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Re: [Qemu-discuss] Native 32bit Windows Compile of QEMU 2.1.1 and/or QEM

From: Paul Gydos
Subject: Re: [Qemu-discuss] Native 32bit Windows Compile of QEMU 2.1.1 and/or QEMU 2.0.2
Date: Mon, 15 Sep 2014 15:07:25 -0400

Again I have my reasons, I'm hoping not to be convinced away from QEMU but I'm hoping someone might help me get started with Natively Compiling QEMU  in W32. So now that I'm clear that I'm staying with QEMU for now. Who is up to the bizzaro challenge of doing this - knows the ins and outs of Mingw32 vs Mingw-w64 32 bit version (without the auto installer but rumored to be preferred amongst QEMU experts who apparently don't want to let their secret sauce on how to do this out of the bag). So lets try this again. Without all the reasons why I should look elsewhere does anybody out there think they can successfully natively compile a newer QEMU soure on W32 and share the details so its reproducible by someone else? This is not an easy task for many and if it were then it would already be documented (its not btw - all documentation is old) Right now I am using GTK+ all-in-one bundle as my base for the dependencies that whichever Mingw might need. That stopped some of my problems. Anybody else have advice in this area?

On Mon, Sep 15, 2014 at 9:46 AM, Jerry Stuckle <address@hidden> wrote:
On 9/14/2014 11:37 PM, Paul Gydos wrote:
> I am currently trying to compile on a 32 bit Windows 7 Pro SP1 system a
> recent and up-to-date QEMU (2.1.1 or 2.0.2 right from the primary
> download page as opposed to from git)right in my CMD command prompt
> window preferably, but willing to do it any way a reasonable beginner
> can do it.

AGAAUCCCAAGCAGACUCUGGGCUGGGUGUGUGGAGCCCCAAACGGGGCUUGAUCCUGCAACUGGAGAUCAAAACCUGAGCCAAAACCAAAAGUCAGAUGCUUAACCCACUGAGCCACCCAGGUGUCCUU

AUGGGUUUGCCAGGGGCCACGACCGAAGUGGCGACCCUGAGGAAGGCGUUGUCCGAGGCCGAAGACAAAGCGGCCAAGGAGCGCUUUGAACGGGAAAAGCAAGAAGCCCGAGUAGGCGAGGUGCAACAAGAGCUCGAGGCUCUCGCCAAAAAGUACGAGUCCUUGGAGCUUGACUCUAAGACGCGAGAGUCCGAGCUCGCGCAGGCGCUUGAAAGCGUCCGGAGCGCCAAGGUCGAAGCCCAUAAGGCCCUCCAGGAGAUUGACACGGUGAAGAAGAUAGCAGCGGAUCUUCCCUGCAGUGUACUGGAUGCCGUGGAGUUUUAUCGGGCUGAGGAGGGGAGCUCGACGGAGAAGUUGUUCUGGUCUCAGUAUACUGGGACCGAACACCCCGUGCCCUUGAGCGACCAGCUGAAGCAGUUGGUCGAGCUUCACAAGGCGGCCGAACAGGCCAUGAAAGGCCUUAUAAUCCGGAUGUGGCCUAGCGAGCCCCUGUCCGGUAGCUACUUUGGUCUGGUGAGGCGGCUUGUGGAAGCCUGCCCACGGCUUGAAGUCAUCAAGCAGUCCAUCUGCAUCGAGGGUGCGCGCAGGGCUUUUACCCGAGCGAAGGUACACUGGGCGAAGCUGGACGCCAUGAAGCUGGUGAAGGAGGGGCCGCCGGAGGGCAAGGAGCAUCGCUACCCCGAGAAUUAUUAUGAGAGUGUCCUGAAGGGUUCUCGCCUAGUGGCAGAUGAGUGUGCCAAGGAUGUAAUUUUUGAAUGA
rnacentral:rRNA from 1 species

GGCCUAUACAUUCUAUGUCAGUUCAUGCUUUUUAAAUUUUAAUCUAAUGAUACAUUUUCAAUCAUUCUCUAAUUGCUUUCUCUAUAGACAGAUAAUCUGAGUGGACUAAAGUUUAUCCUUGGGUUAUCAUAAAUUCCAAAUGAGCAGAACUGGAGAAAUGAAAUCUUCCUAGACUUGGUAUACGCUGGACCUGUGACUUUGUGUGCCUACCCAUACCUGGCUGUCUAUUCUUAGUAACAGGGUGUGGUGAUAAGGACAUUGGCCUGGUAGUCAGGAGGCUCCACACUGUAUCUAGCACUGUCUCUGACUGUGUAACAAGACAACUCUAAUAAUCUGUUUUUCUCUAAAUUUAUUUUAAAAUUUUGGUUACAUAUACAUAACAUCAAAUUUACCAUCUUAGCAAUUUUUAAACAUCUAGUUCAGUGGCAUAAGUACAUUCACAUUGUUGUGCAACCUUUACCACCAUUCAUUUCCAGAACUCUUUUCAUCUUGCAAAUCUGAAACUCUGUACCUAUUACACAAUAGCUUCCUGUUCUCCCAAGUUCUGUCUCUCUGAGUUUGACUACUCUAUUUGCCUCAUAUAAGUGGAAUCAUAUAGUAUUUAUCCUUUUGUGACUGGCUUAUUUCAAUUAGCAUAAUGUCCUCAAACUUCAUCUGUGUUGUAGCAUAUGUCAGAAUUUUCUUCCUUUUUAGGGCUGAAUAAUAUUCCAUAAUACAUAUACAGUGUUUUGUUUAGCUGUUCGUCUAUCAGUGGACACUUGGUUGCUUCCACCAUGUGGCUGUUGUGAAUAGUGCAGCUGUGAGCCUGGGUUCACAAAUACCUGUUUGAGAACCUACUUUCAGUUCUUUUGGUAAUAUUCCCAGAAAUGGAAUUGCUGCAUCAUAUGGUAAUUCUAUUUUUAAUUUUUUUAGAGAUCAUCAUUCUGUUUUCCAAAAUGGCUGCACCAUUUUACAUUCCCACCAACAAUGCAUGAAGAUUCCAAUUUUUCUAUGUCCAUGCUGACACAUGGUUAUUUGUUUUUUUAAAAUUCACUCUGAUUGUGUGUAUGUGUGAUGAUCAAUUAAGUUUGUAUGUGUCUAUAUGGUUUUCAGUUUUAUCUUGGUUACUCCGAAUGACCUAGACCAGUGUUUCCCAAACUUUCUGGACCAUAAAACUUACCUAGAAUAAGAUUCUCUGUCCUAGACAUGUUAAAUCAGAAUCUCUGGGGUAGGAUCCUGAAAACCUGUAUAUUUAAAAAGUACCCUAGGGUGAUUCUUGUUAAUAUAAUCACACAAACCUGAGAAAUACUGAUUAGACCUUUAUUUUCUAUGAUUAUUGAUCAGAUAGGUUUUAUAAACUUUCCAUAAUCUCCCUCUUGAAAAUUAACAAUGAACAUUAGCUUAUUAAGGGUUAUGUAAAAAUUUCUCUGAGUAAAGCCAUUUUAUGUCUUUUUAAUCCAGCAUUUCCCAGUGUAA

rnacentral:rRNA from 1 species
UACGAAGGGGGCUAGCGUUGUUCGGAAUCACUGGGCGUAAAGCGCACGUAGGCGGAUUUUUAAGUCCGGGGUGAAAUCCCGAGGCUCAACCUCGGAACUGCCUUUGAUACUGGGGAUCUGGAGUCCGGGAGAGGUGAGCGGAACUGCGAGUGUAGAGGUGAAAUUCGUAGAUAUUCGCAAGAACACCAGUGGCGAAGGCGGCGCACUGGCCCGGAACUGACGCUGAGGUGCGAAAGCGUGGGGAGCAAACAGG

> The virtual machine I need will simply be a an x86.
> It has been suggested to use GTK+ instead of the currently listed
> dependencies for creating a MinGW environment. It has also been
> suggested to use a 32 bit version of MinGW-W64 instead of mingw32. After
> the person making suggestions ceased making suggestions and then said he
> didn't have actual experience doing this.
> So far all documentation I have found is years and years old and leads
> to failure. There seems to be an endless number of possible combinations
> of the needed tools, which is the combination that will work?
> I realize that windows is not popular among the open and free community
> but for my case use it is essential. My case use is to introduce new
> students coming from multiple popular platforms Win7/Win8.1, Ubuntu
> 14.04 LTS, Etc. to an exact alike simple command line linux plus busybox
> system with a c library. The system will also have python2 and git and
> the goal is to learn how to navigate a simple linux system, but mostly
> to learn vi, git, and python2 so that they learn how to use a simple and
> classic text editor, I'm going to build my OS on top of the 4MLinux Core
> and keep it as light as possible even though it has current linux
> kernel, current busybox, and a current glibc. I'm hoping to put that all
> inside a current qemu.
> I have used QEMU Manager to run the 4MLinux Core. However I would like
> to become proficient in QEMU and I would like an up to date build which
> I have full command line access to. It seems wise to have all that I
> would need to compile my build if I actually want to be accessing QEMU
> in that manner - but hey I'm a noob to this so what do I know.
> I am willing to follow reasonable directions to make my environment,
> including specific files, changing environmental variables like PATH,
> from someone who actually has experience doing it.
> I will document every step I follow, and make public my findings for
> documentation purposes breaking it down ad nauseum for the newbie. I
> believe that qemu is a wonderful tool and would like to see the newbie
> community have more access to it.
> It does seem that up-to-date QEMU documentation that would be helpful to
> the beginner and doesn't exclude the Windows community couldn't hurt the
> project.
> Any help please? I have notes on what I have done thus far but since I
> have no evidence that I'm going the right direction I'm putting this out
> as a more general topic,


I have to agree with others.  I think QEMU is overkill for your needs.

I have a Windows machine (out of necessity, unfortunately), but do a lot
of Linux development.  I use VirtualBox for running X86 Linux systems.
I also use QEMU for emulating ARM-based systems.

QEMU is great at emulating different hardware.  But if you're running an
X86 system on X86 hardware, there are better solutions.


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